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Formal Revolution in the Work of Baudelaire and Flaubert
978-1-61149-394-8 • Hardback
March 2012 • $70.00 • (£44.95)
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978-1-61149-492-1 • Paperback
October 2013 • $34.99 • (£21.95)
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978-1-61149-395-5 • eBook
March 2012 • $34.99 • (£21.95)

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Pages: 200
Size: 6 1/4 x 9 1/4
By Kathryn Oliver Mills
 
Literary Criticism | European / French
University Press Copublishing Division | University of Delaware
In Formal Revolution in the Work of Baudelaire and Flaubert, Kathryn Oliver Mills argues that despite the enduring celebrity of Baudelaire and Flaubert, their significance to modern art has been miscast and misunderstood. To date, literary criticism has paid insufficient attention to these authors' literary form and their socio-cultural context. In addition, critical literature has not always adequately integrated individual works to each author’s broader oeuvre: on the one hand critics do not often maintain rigorous distinctions among texts when discussing Baudelaire and Flaubert, and on the other hand scholars of Baudelaire and Flaubert have not consistently considered the relationship of individual texts to either writer’s corpus. Furthermore, critical focus has been on the modernity of Les Fleurs du mal, Madame Bovary, and L'Education Sentimentale. Addressing these lacunae in scholarship, Mills puts forth the argument that Baudelaire's collection of prose poems, Le Spleen de Paris, and Flaubert's short, poetic tales, Trois contes, best embody the modern aesthetic that Baudelaire develops in Le Peintre de la vie moderne and that Flaubert elaborates in his correspondence. Formal Revolution places these relatively less well-known but last published works in relationship with the artistic goals of their authors, showing that Baudelaire and Flaubert were both acutely aware of the need to launch a new form of literature in order to literally “come to terms with” the dramatic changes transforming the nineteenth-century into the Modern Age. More specifically, Formal Revolution demonstrates that for Baudelaire and Flaubert the formal project of fusing prose with poetry—as poetic prose in the case of Flaubert, as poetry in prose in the case of Baudelaire—was crucial to their mission of “painting modern life.” This work concludes that experimentation with literary form represents these two seminal writers’ major legacy to modernity; suggests that the twentieth-century might have gone too far down that road; and speculates about the future direction of literature. The modernity of Baudelaire and Flaubert, still relevant today but often taken for granted, needs to be reexamined in light of the cultural, formal, and contextual considerations that inform Formal Revolution in the Work of Baudelaire and Flaubert.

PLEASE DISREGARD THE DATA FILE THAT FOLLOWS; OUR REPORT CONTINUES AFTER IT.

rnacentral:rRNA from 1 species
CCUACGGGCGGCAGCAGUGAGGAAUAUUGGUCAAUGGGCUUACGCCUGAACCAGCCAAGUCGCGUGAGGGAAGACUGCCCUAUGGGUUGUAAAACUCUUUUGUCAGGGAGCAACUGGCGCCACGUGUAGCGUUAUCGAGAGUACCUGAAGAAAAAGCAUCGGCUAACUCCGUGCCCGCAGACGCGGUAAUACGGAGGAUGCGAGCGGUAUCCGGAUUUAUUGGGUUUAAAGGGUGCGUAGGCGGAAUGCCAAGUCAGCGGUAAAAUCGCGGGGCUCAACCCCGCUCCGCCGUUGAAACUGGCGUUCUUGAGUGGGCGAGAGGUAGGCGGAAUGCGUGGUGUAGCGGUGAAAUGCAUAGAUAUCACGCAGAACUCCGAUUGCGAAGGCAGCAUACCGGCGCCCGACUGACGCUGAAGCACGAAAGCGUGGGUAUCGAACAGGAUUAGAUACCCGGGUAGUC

Kathryn Oliver Mills in professor at Sewanee, the University of the South.
Table of Contents:
Abbreviations
Introduction: Formal Revolution in the Work of Baudelaire and Flaubert
Chapter One: “Le Voyage”: the End of Les Fleurs du mal and of Poetry in Verse
Chapter Two: Historical Contexts: the Sketch-Artist, the Philosopher, and Painting Modern Life
I. Constantin Guys, Le Peintre de la vie moderne, and Prose Poetry
II. Joseph de Maistre, Le Peintre de la vie moderne, and Prose Poetry
Chapter Three: The Midas Touch of Verse: Les Fleurs du mal and Modern Life
Chapter Four: Le Peintre de la vie moderne and Le Spleen de Paris: the Albatross Takes Flight
Chapter Five: “Deux bonshommes distincts”: Flaubert’s Novels and Esthetics in the 1860s
I. The Esthetic: “Deux bonshommes distincts”
II. The Problem: the Real “Bonhomme” vs. the Ideal “Bonhomme”
III. An Underlying Cause: Modernity as a Problem of Expression
IV. “Deux bonshommes distincts”: More on Flaubert and His Times
Chapter Six: Towards a Modern Form: La Tentation de saint Antoine, Trois contes and Bouvard et Pécuchet
Conclusion: “Crépuscule”
Appendix: “The Voyage”
Bibliography
About the Author
Art being a signifier of the period that produces it, Charles Baudelaire and Gustave Flaubert were on a quest to find a literary form that would reflect the dramatic upheavals of their time. In this carefully researched, well-written book, Mills (Sewanee: The Univ. of the South) argues that these two authors launched what amounted to a linguistic revolution, inventing a kind of language that fundamentally altered conventional verbal forms. Going beyond mere variations on standard literary structures, they fused poetry with prose, developing an aesthetic that paved the way for the modern age. They also painted modern life. Avoiding the traditional critical focus (Les Fleurs du mal, Madame Bovary, L'Education sentimentale), Mills concentrates on Baudelaire's Le Spleen de Paris and Flaubert's Trois Contes--less-known but seminal works that were the authors' last publications--showing how these works diverge from the rest of Baudelaire's and Flaubert's broader oeuvres and stand out as striking embodiments of their authors' artistic ideals. Through close textual analysis, Mills reveals how the innovative forms of Le Spleen de Paris and Trois Contes correspond to the new worldview of each work. This in-depth study of the nexus between form and history fills a significant void in French literary criticism. Summing Up: Recommended.
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